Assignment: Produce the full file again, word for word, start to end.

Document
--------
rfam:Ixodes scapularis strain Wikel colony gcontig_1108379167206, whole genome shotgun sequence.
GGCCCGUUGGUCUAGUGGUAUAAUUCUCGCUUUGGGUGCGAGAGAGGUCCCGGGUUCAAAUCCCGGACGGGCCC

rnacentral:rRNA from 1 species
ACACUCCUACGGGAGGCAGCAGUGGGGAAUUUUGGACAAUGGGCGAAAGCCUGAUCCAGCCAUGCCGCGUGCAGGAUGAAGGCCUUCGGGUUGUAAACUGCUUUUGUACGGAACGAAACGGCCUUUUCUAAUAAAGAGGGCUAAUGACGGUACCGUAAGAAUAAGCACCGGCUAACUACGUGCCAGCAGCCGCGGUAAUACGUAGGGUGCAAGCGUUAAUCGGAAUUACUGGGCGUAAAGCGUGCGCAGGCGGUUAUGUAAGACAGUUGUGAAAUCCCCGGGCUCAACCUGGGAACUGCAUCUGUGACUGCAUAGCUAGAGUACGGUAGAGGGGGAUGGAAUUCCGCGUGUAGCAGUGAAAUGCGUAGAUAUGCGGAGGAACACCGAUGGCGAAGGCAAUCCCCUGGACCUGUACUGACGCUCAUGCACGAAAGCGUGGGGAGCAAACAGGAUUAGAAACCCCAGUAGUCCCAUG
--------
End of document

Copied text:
rfam:Ixodes scapularis strain Wikel colony gcontig_1108379167206, whole genome shotgun sequence.
GGCCCGUUGGUCUAGUGGUAUAAUUCUCGCUUUGGGUGCGAGAGAGGUCCCGGGUUCAAAUCCCGGACGGGCCC

rnacentral:rRNA from 1 species
ACACUCCUACGGGAGGCAGCAGUGGGGAAUUUUGGACAAUGGGCGAAAGCCUGAUCCAGCCAUGCCGCGUGCAGGAUGAAGGCCUUCGGGUUGUAAACUGCUUUUGUACGGAACGAAACGGCCUUUUCUAAUAAAGAGGGCUAAUGACGGUACCGUAAGAAUAAGCACCGGCUAACUACGUGCCAGCAGCCGCGGUAAUACGUAGGGUGCAAGCGUUAAUCGGAAUUACUGGGCGUAAAGCGUGCGCAGGCGGUUAUGUAAGACAGUUGUGAAAUCCCCGGGCUCAACCUGGGAACUGCAUCUGUGACUGCAUAGCUAGAGUACGGUAGAGGGGGAUGGAAUUCCGCGUGUAGCAGUGAAAUGCGUAGAUAUGCGGAGGAACACCGAUGGCGAAGGCAAUCCCCUGGACCUGUACUGACGCUCAUGCACGAAAGCGUGGGGAGCAAACAGGAUUAGAAACCCCAGUAGUCCCAUG